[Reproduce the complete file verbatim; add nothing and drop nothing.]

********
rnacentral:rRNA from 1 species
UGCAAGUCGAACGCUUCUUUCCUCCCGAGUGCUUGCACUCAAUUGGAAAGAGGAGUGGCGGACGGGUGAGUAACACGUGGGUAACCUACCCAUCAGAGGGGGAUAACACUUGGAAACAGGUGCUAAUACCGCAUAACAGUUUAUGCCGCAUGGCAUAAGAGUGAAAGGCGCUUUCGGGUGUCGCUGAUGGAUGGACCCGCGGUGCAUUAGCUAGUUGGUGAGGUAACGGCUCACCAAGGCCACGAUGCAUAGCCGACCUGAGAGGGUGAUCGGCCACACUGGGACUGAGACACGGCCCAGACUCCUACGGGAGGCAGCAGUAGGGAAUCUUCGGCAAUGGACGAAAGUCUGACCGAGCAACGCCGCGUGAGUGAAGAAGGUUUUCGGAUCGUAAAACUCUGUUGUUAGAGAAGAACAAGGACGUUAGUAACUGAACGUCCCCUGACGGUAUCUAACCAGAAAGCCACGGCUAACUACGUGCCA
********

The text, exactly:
rnacentral:rRNA from 1 species
UGCAAGUCGAACGCUUCUUUCCUCCCGAGUGCUUGCACUCAAUUGGAAAGAGGAGUGGCGGACGGGUGAGUAACACGUGGGUAACCUACCCAUCAGAGGGGGAUAACACUUGGAAACAGGUGCUAAUACCGCAUAACAGUUUAUGCCGCAUGGCAUAAGAGUGAAAGGCGCUUUCGGGUGUCGCUGAUGGAUGGACCCGCGGUGCAUUAGCUAGUUGGUGAGGUAACGGCUCACCAAGGCCACGAUGCAUAGCCGACCUGAGAGGGUGAUCGGCCACACUGGGACUGAGACACGGCCCAGACUCCUACGGGAGGCAGCAGUAGGGAAUCUUCGGCAAUGGACGAAAGUCUGACCGAGCAACGCCGCGUGAGUGAAGAAGGUUUUCGGAUCGUAAAACUCUGUUGUUAGAGAAGAACAAGGACGUUAGUAACUGAACGUCCCCUGACGGUAUCUAACCAGAAAGCCACGGCUAACUACGUGCCA